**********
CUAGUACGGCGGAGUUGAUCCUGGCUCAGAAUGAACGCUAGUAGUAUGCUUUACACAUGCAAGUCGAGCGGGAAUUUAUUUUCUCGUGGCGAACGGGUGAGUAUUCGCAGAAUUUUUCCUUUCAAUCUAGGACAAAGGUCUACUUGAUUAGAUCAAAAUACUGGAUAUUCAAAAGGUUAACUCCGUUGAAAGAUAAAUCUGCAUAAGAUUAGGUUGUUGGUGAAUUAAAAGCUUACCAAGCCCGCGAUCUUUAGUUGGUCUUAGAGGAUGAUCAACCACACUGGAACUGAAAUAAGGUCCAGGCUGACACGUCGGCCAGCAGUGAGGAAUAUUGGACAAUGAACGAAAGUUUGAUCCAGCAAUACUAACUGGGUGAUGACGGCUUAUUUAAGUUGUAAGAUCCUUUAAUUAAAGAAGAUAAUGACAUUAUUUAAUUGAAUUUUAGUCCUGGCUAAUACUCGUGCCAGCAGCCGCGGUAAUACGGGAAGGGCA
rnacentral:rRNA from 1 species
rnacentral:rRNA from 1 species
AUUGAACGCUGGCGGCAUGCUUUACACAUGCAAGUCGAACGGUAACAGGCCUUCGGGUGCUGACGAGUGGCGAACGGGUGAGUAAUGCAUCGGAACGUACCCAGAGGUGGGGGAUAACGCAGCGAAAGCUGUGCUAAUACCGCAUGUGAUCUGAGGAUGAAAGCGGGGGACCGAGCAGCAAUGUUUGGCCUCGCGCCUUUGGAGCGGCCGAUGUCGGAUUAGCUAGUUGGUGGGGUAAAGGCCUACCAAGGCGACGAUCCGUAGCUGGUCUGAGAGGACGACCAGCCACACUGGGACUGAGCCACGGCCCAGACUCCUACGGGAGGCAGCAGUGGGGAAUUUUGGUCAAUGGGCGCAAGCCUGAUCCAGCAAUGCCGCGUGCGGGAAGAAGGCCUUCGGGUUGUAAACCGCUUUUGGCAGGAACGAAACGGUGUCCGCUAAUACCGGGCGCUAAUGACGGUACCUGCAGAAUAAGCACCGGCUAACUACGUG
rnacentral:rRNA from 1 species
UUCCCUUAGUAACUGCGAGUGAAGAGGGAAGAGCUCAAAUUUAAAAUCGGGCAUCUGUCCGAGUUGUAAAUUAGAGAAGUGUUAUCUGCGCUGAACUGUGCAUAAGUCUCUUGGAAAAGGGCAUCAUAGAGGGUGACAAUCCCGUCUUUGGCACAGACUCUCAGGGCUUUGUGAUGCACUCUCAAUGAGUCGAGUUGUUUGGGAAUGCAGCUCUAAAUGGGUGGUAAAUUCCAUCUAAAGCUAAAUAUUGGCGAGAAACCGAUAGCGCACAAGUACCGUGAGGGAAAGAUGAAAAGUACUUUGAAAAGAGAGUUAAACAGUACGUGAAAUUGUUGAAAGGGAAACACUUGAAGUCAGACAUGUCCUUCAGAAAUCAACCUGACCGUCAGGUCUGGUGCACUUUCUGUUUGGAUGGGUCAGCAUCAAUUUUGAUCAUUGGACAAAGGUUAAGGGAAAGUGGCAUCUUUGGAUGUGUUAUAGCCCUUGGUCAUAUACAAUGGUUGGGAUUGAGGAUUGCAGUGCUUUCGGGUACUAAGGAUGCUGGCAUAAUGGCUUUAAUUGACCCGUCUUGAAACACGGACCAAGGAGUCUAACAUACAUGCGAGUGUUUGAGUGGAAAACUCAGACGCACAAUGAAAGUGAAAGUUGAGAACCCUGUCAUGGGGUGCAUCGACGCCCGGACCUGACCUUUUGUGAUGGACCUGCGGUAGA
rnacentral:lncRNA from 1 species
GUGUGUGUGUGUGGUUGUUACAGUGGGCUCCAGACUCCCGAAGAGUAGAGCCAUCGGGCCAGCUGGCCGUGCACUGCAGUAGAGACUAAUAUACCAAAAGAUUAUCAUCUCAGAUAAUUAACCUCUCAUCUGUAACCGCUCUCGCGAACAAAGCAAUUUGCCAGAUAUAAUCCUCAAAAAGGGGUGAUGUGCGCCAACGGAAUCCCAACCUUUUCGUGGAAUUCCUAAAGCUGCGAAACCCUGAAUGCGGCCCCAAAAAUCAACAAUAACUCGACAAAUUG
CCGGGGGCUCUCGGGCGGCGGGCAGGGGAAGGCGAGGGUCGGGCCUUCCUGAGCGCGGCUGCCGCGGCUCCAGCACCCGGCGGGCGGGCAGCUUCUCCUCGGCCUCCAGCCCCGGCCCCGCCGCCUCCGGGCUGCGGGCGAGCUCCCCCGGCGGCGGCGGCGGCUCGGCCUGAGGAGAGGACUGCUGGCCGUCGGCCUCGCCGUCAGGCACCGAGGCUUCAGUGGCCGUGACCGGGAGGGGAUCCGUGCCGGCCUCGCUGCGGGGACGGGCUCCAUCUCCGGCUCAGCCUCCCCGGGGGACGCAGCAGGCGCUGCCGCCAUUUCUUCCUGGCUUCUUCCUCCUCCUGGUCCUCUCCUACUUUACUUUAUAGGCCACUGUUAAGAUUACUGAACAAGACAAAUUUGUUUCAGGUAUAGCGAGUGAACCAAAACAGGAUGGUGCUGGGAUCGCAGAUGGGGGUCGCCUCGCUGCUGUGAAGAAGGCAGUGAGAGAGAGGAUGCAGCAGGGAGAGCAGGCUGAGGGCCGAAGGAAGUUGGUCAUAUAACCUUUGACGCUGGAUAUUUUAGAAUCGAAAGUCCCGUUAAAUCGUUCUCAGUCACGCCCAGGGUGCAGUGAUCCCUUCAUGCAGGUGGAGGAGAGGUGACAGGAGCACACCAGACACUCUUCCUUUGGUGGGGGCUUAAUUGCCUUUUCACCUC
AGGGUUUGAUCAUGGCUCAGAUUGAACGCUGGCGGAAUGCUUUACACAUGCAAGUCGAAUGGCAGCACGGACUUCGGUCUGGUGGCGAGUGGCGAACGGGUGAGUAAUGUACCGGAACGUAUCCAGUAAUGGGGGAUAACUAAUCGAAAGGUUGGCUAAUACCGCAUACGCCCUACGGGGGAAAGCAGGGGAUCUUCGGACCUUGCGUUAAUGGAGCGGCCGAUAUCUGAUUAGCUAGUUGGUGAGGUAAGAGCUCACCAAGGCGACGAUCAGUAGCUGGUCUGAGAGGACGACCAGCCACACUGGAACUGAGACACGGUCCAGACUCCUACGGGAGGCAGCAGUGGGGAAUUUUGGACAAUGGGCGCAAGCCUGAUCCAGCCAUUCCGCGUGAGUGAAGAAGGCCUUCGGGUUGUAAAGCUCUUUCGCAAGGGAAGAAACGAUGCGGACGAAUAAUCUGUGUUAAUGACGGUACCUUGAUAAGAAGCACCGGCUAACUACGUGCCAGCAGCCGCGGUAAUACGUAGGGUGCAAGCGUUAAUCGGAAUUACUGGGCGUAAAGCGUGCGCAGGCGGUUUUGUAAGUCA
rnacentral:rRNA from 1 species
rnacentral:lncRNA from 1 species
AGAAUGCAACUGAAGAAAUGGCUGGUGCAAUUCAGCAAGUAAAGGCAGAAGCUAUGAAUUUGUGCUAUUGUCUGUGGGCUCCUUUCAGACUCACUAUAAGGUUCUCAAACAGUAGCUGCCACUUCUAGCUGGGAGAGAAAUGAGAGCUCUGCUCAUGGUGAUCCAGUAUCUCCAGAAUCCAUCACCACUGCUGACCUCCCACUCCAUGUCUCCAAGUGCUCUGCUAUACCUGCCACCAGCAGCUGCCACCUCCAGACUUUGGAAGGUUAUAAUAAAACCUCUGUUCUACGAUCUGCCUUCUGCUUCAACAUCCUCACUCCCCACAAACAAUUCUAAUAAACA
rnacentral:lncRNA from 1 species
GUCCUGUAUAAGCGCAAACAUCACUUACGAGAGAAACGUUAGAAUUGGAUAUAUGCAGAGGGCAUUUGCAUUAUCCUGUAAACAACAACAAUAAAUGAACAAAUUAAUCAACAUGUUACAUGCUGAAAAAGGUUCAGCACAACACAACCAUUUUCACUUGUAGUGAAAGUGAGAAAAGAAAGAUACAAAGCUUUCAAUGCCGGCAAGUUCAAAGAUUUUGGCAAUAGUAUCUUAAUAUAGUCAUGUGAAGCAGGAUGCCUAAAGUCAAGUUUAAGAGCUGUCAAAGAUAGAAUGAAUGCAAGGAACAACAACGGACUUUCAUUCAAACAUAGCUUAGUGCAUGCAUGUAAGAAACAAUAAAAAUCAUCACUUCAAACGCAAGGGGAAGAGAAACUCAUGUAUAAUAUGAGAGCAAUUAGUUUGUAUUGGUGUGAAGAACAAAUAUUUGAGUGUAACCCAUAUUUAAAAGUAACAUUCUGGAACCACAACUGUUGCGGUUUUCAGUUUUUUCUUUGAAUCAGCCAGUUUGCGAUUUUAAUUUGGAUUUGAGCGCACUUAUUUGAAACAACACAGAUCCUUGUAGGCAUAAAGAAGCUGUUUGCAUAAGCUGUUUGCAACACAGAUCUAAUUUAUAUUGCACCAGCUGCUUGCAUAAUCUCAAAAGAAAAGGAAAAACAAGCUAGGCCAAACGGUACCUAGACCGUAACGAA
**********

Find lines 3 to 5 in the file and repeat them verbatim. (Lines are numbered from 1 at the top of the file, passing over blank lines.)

rnacentral:rRNA from 1 species
AUUGAACGCUGGCGGCAUGCUUUACACAUGCAAGUCGAACGGUAACAGGCCUUCGGGUGCUGACGAGUGGCGAACGGGUGAGUAAUGCAUCGGAACGUACCCAGAGGUGGGGGAUAACGCAGCGAAAGCUGUGCUAAUACCGCAUGUGAUCUGAGGAUGAAAGCGGGGGACCGAGCAGCAAUGUUUGGCCUCGCGCCUUUGGAGCGGCCGAUGUCGGAUUAGCUAGUUGGUGGGGUAAAGGCCUACCAAGGCGACGAUCCGUAGCUGGUCUGAGAGGACGACCAGCCACACUGGGACUGAGCCACGGCCCAGACUCCUACGGGAGGCAGCAGUGGGGAAUUUUGGUCAAUGGGCGCAAGCCUGAUCCAGCAAUGCCGCGUGCGGGAAGAAGGCCUUCGGGUUGUAAACCGCUUUUGGCAGGAACGAAACGGUGUCCGCUAAUACCGGGCGCUAAUGACGGUACCUGCAGAAUAAGCACCGGCUAACUACGUG
rnacentral:rRNA from 1 species